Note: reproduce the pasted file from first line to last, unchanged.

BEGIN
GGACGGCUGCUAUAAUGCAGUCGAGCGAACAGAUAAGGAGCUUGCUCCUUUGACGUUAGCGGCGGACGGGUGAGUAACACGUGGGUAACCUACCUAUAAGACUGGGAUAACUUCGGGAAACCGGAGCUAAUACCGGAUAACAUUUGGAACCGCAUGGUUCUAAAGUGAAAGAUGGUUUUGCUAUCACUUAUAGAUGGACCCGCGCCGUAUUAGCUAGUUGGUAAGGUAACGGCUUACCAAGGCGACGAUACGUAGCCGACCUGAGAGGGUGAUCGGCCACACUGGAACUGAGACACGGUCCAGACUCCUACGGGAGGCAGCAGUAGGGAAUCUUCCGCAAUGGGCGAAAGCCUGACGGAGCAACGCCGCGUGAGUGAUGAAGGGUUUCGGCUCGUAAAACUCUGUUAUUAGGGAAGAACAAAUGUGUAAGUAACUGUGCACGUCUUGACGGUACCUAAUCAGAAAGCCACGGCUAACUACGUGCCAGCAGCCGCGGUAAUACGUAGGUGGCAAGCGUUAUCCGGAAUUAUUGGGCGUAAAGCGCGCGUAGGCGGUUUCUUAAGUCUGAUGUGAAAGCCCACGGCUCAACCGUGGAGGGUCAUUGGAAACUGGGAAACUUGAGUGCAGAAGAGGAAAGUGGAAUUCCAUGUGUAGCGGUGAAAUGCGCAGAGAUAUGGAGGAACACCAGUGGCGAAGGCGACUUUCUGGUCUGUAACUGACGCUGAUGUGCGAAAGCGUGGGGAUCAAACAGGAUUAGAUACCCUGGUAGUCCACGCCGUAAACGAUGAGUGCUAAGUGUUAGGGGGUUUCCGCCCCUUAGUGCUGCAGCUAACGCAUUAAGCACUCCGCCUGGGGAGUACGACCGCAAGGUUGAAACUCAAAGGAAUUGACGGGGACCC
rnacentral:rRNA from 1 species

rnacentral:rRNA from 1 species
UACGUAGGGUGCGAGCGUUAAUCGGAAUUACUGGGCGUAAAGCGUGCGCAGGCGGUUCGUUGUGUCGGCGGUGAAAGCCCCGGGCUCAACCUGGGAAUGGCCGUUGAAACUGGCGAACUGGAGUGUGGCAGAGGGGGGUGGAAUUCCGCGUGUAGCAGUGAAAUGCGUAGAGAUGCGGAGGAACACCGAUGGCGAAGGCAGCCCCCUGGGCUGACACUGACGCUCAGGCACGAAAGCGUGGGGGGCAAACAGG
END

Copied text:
GGACGGCUGCUAUAAUGCAGUCGAGCGAACAGAUAAGGAGCUUGCUCCUUUGACGUUAGCGGCGGACGGGUGAGUAACACGUGGGUAACCUACCUAUAAGACUGGGAUAACUUCGGGAAACCGGAGCUAAUACCGGAUAACAUUUGGAACCGCAUGGUUCUAAAGUGAAAGAUGGUUUUGCUAUCACUUAUAGAUGGACCCGCGCCGUAUUAGCUAGUUGGUAAGGUAACGGCUUACCAAGGCGACGAUACGUAGCCGACCUGAGAGGGUGAUCGGCCACACUGGAACUGAGACACGGUCCAGACUCCUACGGGAGGCAGCAGUAGGGAAUCUUCCGCAAUGGGCGAAAGCCUGACGGAGCAACGCCGCGUGAGUGAUGAAGGGUUUCGGCUCGUAAAACUCUGUUAUUAGGGAAGAACAAAUGUGUAAGUAACUGUGCACGUCUUGACGGUACCUAAUCAGAAAGCCACGGCUAACUACGUGCCAGCAGCCGCGGUAAUACGUAGGUGGCAAGCGUUAUCCGGAAUUAUUGGGCGUAAAGCGCGCGUAGGCGGUUUCUUAAGUCUGAUGUGAAAGCCCACGGCUCAACCGUGGAGGGUCAUUGGAAACUGGGAAACUUGAGUGCAGAAGAGGAAAGUGGAAUUCCAUGUGUAGCGGUGAAAUGCGCAGAGAUAUGGAGGAACACCAGUGGCGAAGGCGACUUUCUGGUCUGUAACUGACGCUGAUGUGCGAAAGCGUGGGGAUCAAACAGGAUUAGAUACCCUGGUAGUCCACGCCGUAAACGAUGAGUGCUAAGUGUUAGGGGGUUUCCGCCCCUUAGUGCUGCAGCUAACGCAUUAAGCACUCCGCCUGGGGAGUACGACCGCAAGGUUGAAACUCAAAGGAAUUGACGGGGACCC
rnacentral:rRNA from 1 species

rnacentral:rRNA from 1 species
UACGUAGGGUGCGAGCGUUAAUCGGAAUUACUGGGCGUAAAGCGUGCGCAGGCGGUUCGUUGUGUCGGCGGUGAAAGCCCCGGGCUCAACCUGGGAAUGGCCGUUGAAACUGGCGAACUGGAGUGUGGCAGAGGGGGGUGGAAUUCCGCGUGUAGCAGUGAAAUGCGUAGAGAUGCGGAGGAACACCGAUGGCGAAGGCAGCCCCCUGGGCUGACACUGACGCUCAGGCACGAAAGCGUGGGGGGCAAACAGG